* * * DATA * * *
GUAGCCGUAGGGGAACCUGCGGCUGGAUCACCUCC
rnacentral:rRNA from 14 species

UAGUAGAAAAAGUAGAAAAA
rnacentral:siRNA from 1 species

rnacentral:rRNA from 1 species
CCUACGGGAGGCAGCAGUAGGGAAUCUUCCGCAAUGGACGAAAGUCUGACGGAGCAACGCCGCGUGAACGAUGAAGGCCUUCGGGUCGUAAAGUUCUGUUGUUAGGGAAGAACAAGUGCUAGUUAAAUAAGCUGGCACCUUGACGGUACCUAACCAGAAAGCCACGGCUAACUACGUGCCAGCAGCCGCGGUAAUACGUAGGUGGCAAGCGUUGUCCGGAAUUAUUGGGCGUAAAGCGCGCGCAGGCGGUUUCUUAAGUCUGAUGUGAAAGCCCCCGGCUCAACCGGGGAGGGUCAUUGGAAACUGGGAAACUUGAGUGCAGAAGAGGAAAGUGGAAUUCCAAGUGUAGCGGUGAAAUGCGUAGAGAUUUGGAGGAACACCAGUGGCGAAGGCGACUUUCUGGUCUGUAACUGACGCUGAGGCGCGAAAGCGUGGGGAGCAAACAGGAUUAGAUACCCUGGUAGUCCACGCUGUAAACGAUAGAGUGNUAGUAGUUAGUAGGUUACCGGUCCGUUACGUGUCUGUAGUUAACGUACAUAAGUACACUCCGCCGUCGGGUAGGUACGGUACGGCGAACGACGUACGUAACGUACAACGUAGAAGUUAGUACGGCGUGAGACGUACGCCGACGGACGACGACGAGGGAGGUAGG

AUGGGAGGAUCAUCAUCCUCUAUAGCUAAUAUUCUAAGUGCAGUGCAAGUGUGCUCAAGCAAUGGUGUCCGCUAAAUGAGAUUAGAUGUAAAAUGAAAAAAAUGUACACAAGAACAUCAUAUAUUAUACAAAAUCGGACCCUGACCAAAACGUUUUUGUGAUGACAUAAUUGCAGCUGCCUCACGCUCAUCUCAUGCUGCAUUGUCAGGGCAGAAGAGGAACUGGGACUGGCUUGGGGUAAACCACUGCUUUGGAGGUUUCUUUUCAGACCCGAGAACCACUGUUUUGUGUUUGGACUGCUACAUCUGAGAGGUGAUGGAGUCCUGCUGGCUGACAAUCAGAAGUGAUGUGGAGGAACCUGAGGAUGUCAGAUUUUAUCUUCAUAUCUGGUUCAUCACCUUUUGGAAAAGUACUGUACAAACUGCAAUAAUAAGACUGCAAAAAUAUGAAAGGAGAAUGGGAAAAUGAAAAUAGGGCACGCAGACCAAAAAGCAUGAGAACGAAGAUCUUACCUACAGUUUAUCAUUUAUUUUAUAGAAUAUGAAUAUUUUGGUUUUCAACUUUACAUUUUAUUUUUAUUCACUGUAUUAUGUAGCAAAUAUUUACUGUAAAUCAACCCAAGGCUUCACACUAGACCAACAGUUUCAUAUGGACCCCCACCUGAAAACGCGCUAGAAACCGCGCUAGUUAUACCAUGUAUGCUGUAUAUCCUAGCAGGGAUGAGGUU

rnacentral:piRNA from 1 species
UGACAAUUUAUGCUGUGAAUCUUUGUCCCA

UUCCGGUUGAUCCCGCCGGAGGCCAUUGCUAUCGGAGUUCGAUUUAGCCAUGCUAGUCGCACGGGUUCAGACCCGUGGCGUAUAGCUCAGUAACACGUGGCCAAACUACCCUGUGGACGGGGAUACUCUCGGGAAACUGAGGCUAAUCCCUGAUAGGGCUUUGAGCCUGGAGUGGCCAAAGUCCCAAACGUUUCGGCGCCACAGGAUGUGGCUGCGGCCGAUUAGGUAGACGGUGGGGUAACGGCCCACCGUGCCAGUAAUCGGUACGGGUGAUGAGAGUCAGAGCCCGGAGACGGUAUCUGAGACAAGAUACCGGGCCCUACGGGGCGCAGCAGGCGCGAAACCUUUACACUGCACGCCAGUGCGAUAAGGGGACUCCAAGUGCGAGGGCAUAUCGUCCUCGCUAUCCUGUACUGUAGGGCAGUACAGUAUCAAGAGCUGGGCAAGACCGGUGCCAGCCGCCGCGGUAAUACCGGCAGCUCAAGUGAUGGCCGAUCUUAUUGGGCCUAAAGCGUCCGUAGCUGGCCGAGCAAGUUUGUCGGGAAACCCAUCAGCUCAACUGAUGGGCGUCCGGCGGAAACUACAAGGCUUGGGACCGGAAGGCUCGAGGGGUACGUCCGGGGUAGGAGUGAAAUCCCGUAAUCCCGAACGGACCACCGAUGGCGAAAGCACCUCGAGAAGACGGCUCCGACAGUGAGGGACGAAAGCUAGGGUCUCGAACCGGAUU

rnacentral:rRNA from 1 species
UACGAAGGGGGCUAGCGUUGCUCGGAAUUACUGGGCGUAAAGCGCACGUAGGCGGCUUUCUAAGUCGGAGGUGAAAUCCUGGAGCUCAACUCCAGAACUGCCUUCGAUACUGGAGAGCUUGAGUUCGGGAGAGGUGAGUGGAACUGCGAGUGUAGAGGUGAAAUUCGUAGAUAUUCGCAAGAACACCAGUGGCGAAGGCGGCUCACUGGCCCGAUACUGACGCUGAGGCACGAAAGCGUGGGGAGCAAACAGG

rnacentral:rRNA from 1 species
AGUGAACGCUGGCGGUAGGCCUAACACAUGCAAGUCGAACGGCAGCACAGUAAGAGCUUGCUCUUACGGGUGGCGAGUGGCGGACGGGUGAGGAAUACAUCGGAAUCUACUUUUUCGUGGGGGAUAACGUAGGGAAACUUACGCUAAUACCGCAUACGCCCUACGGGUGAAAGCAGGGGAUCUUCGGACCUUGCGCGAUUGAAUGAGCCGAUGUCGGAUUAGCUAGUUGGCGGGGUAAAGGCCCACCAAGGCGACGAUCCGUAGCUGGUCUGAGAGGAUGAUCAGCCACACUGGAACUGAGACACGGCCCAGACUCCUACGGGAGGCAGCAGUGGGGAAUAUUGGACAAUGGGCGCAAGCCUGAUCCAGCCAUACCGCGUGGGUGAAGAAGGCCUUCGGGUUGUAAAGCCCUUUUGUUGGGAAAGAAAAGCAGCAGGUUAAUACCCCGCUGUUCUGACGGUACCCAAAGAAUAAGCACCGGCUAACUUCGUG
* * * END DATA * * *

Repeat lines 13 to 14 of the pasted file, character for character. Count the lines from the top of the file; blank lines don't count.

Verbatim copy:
rnacentral:rRNA from 1 species
AGUGAACGCUGGCGGUAGGCCUAACACAUGCAAGUCGAACGGCAGCACAGUAAGAGCUUGCUCUUACGGGUGGCGAGUGGCGGACGGGUGAGGAAUACAUCGGAAUCUACUUUUUCGUGGGGGAUAACGUAGGGAAACUUACGCUAAUACCGCAUACGCCCUACGGGUGAAAGCAGGGGAUCUUCGGACCUUGCGCGAUUGAAUGAGCCGAUGUCGGAUUAGCUAGUUGGCGGGGUAAAGGCCCACCAAGGCGACGAUCCGUAGCUGGUCUGAGAGGAUGAUCAGCCACACUGGAACUGAGACACGGCCCAGACUCCUACGGGAGGCAGCAGUGGGGAAUAUUGGACAAUGGGCGCAAGCCUGAUCCAGCCAUACCGCGUGGGUGAAGAAGGCCUUCGGGUUGUAAAGCCCUUUUGUUGGGAAAGAAAAGCAGCAGGUUAAUACCCCGCUGUUCUGACGGUACCCAAAGAAUAAGCACCGGCUAACUUCGUG